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Marines Expand Capabilities for Operations in “Every Clime and Place”

By Cpl. Levi Schultz | Marine Corps Air Ground Combat Center, Twentynine Palms | Jan. 27, 2017

MARINE CORPS MOUNTAIN WARFARE TRAINING CENTER BRIDGEPORT, California - In mountain warfare, adversaries come in two forms, the enemy force and the unforgiving elements. In many respects, an alpine terrain can be the more formidable opponent, for unlike our enemies, we cannot oblige Mother Nature to relent.

Marines and sailors with 2nd Battalion, 2nd Marine Regiment, are putting their cold-weather survival skills to the test during Mountain Training Exercise 1-17 aboard the Marine Corps Mountain Warfare Training Center Bridgeport, Calif., Jan. 13 through Feb. 6, 2017.

MCMWTC is one of the Marine Corps’ most secluded posts, comprised of approximately 46,000 acres of terrain with elevations ranging from 5,000 to 11,000 feet. MTX trains elements of the Marine air-ground task force across the warfighting functions for operations in mountainous, high-altitude and cold-weather environments in order to enhance a unit’s ability to shoot, move, communicate, sustain and survive in the most rugged regions of the world.

During this iteration of MTX, the inclusion of the Artic Tent, designed to house up to 15 personnel, enabled the “Warlords” to be truly immersed in the frigid landscape throughout the full duration of the training.

“For the first time, we established a tent city in Grouse Meadows on top of about 5 feet of snow,” said Maj. Mark A. Wlaschin, logistics officer, MCMWTC. “The plan was to billet up to 1,200 personnel; however, we ended up with a max of 811 people living in the city, similar to many forward staging bases around the world.”

Improving upon previously used cold-weather tents, the Artic Tents more effectively insulate heat and can be installed with heating stoves.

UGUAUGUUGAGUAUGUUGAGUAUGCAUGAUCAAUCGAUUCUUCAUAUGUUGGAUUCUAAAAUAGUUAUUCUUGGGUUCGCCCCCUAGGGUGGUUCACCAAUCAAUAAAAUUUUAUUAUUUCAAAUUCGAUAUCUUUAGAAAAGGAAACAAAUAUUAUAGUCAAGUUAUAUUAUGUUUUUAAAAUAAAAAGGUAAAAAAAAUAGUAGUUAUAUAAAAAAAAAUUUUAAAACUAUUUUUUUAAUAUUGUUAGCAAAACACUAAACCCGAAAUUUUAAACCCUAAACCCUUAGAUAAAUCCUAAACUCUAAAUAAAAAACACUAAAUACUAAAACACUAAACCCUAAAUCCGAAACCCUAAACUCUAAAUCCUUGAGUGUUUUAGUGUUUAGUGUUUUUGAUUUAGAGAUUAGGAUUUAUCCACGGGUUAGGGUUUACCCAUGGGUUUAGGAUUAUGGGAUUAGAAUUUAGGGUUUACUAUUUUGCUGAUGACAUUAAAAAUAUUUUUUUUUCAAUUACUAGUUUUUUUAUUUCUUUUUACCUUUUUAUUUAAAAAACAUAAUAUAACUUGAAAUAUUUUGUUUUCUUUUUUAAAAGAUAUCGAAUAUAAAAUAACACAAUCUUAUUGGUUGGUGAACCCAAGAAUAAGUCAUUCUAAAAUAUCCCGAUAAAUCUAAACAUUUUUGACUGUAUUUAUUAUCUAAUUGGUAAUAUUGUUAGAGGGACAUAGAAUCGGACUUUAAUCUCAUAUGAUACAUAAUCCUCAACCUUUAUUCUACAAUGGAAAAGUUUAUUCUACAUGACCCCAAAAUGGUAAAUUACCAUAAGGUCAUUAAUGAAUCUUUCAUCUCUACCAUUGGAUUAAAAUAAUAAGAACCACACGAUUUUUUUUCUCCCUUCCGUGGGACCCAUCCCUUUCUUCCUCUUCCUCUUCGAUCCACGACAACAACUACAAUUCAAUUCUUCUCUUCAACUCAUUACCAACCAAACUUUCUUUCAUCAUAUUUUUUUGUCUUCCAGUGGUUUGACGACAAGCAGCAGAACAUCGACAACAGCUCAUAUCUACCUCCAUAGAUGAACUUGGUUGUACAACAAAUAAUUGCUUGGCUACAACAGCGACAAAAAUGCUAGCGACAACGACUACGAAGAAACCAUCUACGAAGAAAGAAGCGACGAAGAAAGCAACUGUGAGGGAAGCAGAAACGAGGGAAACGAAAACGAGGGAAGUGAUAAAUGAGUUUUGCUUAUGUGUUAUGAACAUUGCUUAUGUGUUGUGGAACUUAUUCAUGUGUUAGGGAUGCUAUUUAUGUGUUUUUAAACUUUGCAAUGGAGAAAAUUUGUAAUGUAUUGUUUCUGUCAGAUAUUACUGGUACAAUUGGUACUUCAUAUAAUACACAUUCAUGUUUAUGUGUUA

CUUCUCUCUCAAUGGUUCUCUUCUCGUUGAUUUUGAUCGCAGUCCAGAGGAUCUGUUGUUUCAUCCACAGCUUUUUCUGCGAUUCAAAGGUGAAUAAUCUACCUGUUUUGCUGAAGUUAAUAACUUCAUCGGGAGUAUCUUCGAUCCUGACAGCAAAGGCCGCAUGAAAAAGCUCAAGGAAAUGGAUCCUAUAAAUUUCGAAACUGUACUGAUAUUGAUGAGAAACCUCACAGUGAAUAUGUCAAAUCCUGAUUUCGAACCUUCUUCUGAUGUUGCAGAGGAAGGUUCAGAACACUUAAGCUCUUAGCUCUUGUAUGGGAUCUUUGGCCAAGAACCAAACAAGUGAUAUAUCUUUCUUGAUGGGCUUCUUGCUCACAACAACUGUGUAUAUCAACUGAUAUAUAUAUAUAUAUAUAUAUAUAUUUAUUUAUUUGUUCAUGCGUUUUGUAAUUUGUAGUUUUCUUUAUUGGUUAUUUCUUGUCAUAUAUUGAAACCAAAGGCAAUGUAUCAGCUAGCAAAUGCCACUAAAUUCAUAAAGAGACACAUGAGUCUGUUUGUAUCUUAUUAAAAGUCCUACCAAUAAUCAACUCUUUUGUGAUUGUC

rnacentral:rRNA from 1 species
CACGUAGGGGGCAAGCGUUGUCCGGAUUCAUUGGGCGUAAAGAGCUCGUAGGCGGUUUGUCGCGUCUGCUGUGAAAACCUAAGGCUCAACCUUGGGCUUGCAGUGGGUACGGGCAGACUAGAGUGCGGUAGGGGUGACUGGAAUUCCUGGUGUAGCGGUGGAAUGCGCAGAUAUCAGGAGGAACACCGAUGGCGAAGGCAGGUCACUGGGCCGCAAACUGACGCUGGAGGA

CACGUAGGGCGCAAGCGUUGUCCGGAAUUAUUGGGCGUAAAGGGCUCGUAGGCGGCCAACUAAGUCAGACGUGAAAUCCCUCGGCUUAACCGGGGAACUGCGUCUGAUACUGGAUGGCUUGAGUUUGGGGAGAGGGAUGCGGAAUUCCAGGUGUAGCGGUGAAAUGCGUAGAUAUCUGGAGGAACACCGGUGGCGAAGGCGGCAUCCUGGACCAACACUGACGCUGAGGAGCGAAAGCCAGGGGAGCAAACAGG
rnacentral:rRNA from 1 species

“[The tent city] really facilitated their learning in an administrative manner,” Wlaschin said. “Having 15-man tents connected in rows of three allowed them to organize platoon-level leadership to make sure everyone was doing the right things and that medical issues were addressed quickly.”

The snow-covered tent city served as a sprawling center of operations throughout the exercise.

“During the first phase of MTX 1-17, we see [the Marines] conducting the mobility training of the exercise where they learn flat ground techniques,” Wlaschin said. “This includes learning to ski and move on snow shoes in a flat environment before moving on to downhill techniques.”

Throughout this phase, Marines also learn to thrive in frigid temperatures that can drop as low as minus 25 degrees Fahrenheit during winter months. Mountain warfare instructors teach basic survival techniques, from heating and purifying water to how to properly utilizing cold weather gear.

For Marines, this is just one means of being prepared to complete their mission “in every clime and place.”

“They trained us in the proper gear and taught us how to survive,” said Cpl. Corey Jarvis, squad leader, 2/2. “If you can train out here and get past that mental block, than I feel like you can step up and do anything.”
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